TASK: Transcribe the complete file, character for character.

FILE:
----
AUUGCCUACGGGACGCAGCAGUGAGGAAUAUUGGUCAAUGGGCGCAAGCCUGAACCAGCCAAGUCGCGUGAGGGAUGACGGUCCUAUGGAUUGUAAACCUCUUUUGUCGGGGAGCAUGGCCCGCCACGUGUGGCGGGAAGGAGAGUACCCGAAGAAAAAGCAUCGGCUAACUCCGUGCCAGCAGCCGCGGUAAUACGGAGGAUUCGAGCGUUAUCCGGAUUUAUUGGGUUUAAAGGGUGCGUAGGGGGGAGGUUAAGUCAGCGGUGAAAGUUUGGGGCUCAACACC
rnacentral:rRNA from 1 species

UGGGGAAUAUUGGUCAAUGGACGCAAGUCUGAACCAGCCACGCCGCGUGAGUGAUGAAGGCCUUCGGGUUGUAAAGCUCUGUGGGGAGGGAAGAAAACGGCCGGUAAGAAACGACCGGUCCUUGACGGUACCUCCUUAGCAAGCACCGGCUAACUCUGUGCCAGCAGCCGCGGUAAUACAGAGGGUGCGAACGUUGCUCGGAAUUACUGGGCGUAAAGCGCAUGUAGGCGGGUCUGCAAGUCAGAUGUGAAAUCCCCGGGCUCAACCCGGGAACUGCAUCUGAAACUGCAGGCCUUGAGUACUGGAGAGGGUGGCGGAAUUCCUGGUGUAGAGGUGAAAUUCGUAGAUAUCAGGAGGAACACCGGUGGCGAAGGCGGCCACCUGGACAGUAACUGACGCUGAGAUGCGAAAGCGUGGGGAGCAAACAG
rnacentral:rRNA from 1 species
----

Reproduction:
AUUGCCUACGGGACGCAGCAGUGAGGAAUAUUGGUCAAUGGGCGCAAGCCUGAACCAGCCAAGUCGCGUGAGGGAUGACGGUCCUAUGGAUUGUAAACCUCUUUUGUCGGGGAGCAUGGCCCGCCACGUGUGGCGGGAAGGAGAGUACCCGAAGAAAAAGCAUCGGCUAACUCCGUGCCAGCAGCCGCGGUAAUACGGAGGAUUCGAGCGUUAUCCGGAUUUAUUGGGUUUAAAGGGUGCGUAGGGGGGAGGUUAAGUCAGCGGUGAAAGUUUGGGGCUCAACACC
rnacentral:rRNA from 1 species

UGGGGAAUAUUGGUCAAUGGACGCAAGUCUGAACCAGCCACGCCGCGUGAGUGAUGAAGGCCUUCGGGUUGUAAAGCUCUGUGGGGAGGGAAGAAAACGGCCGGUAAGAAACGACCGGUCCUUGACGGUACCUCCUUAGCAAGCACCGGCUAACUCUGUGCCAGCAGCCGCGGUAAUACAGAGGGUGCGAACGUUGCUCGGAAUUACUGGGCGUAAAGCGCAUGUAGGCGGGUCUGCAAGUCAGAUGUGAAAUCCCCGGGCUCAACCCGGGAACUGCAUCUGAAACUGCAGGCCUUGAGUACUGGAGAGGGUGGCGGAAUUCCUGGUGUAGAGGUGAAAUUCGUAGAUAUCAGGAGGAACACCGGUGGCGAAGGCGGCCACCUGGACAGUAACUGACGCUGAGAUGCGAAAGCGUGGGGAGCAAACAG
rnacentral:rRNA from 1 species